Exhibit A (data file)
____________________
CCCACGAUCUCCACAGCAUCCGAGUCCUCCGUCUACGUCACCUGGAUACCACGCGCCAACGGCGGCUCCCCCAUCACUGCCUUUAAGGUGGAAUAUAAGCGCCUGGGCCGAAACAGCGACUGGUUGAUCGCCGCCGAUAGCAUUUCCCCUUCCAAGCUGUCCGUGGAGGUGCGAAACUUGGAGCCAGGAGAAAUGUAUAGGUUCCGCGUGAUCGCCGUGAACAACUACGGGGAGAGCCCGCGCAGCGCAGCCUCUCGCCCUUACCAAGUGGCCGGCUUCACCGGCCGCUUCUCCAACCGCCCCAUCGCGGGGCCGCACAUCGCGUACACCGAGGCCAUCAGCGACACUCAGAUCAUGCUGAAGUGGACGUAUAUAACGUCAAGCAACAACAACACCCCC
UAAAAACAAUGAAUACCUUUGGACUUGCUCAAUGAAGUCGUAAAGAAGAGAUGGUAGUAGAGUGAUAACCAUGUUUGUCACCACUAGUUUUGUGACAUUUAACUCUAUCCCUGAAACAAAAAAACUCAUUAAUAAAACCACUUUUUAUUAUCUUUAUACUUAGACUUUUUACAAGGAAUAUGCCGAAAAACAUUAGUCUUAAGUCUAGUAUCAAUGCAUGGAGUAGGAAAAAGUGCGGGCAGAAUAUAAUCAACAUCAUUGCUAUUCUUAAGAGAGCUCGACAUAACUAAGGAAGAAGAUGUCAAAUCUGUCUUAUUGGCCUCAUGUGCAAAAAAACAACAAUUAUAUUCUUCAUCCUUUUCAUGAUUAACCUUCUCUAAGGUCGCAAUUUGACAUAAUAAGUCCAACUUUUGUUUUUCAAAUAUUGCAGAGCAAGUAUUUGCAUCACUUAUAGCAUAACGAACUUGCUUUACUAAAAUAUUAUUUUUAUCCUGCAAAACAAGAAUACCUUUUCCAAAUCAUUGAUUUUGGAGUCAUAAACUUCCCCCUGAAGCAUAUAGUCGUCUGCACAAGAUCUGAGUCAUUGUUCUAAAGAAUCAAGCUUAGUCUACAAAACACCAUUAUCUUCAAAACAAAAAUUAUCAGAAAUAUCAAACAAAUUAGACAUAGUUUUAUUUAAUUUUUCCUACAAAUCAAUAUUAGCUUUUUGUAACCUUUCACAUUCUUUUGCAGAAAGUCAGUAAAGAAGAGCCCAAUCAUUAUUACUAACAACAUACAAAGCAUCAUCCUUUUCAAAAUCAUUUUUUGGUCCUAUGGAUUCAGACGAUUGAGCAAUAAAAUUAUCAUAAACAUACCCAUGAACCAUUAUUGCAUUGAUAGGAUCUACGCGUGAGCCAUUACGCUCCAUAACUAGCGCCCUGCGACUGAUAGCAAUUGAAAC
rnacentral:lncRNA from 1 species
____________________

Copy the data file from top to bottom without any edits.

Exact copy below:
CCCACGAUCUCCACAGCAUCCGAGUCCUCCGUCUACGUCACCUGGAUACCACGCGCCAACGGCGGCUCCCCCAUCACUGCCUUUAAGGUGGAAUAUAAGCGCCUGGGCCGAAACAGCGACUGGUUGAUCGCCGCCGAUAGCAUUUCCCCUUCCAAGCUGUCCGUGGAGGUGCGAAACUUGGAGCCAGGAGAAAUGUAUAGGUUCCGCGUGAUCGCCGUGAACAACUACGGGGAGAGCCCGCGCAGCGCAGCCUCUCGCCCUUACCAAGUGGCCGGCUUCACCGGCCGCUUCUCCAACCGCCCCAUCGCGGGGCCGCACAUCGCGUACACCGAGGCCAUCAGCGACACUCAGAUCAUGCUGAAGUGGACGUAUAUAACGUCAAGCAACAACAACACCCCC
UAAAAACAAUGAAUACCUUUGGACUUGCUCAAUGAAGUCGUAAAGAAGAGAUGGUAGUAGAGUGAUAACCAUGUUUGUCACCACUAGUUUUGUGACAUUUAACUCUAUCCCUGAAACAAAAAAACUCAUUAAUAAAACCACUUUUUAUUAUCUUUAUACUUAGACUUUUUACAAGGAAUAUGCCGAAAAACAUUAGUCUUAAGUCUAGUAUCAAUGCAUGGAGUAGGAAAAAGUGCGGGCAGAAUAUAAUCAACAUCAUUGCUAUUCUUAAGAGAGCUCGACAUAACUAAGGAAGAAGAUGUCAAAUCUGUCUUAUUGGCCUCAUGUGCAAAAAAACAACAAUUAUAUUCUUCAUCCUUUUCAUGAUUAACCUUCUCUAAGGUCGCAAUUUGACAUAAUAAGUCCAACUUUUGUUUUUCAAAUAUUGCAGAGCAAGUAUUUGCAUCACUUAUAGCAUAACGAACUUGCUUUACUAAAAUAUUAUUUUUAUCCUGCAAAACAAGAAUACCUUUUCCAAAUCAUUGAUUUUGGAGUCAUAAACUUCCCCCUGAAGCAUAUAGUCGUCUGCACAAGAUCUGAGUCAUUGUUCUAAAGAAUCAAGCUUAGUCUACAAAACACCAUUAUCUUCAAAACAAAAAUUAUCAGAAAUAUCAAACAAAUUAGACAUAGUUUUAUUUAAUUUUUCCUACAAAUCAAUAUUAGCUUUUUGUAACCUUUCACAUUCUUUUGCAGAAAGUCAGUAAAGAAGAGCCCAAUCAUUAUUACUAACAACAUACAAAGCAUCAUCCUUUUCAAAAUCAUUUUUUGGUCCUAUGGAUUCAGACGAUUGAGCAAUAAAAUUAUCAUAAACAUACCCAUGAACCAUUAUUGCAUUGAUAGGAUCUACGCGUGAGCCAUUACGCUCCAUAACUAGCGCCCUGCGACUGAUAGCAAUUGAAAC
rnacentral:lncRNA from 1 species